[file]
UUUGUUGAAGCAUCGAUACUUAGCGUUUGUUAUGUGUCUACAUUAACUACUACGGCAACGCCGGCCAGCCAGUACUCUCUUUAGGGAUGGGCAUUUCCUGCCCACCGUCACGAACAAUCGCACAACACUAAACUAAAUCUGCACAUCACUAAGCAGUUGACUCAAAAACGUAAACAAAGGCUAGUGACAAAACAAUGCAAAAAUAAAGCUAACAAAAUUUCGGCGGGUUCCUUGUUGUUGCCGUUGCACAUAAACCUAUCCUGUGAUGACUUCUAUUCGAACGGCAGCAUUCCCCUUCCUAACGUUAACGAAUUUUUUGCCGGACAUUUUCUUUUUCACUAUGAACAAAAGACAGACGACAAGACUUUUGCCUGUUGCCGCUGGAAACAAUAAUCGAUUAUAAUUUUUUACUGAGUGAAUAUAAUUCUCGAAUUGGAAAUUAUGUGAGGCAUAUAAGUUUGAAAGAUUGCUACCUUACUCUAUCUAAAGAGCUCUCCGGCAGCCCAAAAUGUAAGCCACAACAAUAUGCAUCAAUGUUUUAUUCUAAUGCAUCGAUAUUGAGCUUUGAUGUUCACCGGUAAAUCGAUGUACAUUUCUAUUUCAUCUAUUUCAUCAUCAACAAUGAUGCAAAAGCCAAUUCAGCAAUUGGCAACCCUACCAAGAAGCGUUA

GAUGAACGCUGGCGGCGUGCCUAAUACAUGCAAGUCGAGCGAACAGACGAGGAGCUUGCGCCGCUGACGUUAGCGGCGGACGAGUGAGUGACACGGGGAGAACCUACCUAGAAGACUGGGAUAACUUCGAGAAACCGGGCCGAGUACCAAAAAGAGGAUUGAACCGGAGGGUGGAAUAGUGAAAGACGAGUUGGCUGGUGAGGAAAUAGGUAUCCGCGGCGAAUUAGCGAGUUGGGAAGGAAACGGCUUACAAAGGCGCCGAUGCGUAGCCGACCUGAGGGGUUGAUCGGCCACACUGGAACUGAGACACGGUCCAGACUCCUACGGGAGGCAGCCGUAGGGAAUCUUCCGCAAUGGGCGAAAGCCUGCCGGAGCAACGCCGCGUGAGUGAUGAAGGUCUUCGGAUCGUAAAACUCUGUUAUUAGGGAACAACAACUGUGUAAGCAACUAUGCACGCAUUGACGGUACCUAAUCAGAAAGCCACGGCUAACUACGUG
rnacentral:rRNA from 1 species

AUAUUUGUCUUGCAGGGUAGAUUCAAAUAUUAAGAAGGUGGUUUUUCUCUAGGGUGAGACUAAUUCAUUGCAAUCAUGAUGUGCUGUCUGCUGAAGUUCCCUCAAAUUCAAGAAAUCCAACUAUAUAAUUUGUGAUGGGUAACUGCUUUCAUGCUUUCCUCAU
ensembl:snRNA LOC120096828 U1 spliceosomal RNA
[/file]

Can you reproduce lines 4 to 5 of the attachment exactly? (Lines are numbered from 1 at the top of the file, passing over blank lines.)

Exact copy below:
AUAUUUGUCUUGCAGGGUAGAUUCAAAUAUUAAGAAGGUGGUUUUUCUCUAGGGUGAGACUAAUUCAUUGCAAUCAUGAUGUGCUGUCUGCUGAAGUUCCCUCAAAUUCAAGAAAUCCAACUAUAUAAUUUGUGAUGGGUAACUGCUUUCAUGCUUUCCUCAU
ensembl:snRNA LOC120096828 U1 spliceosomal RNA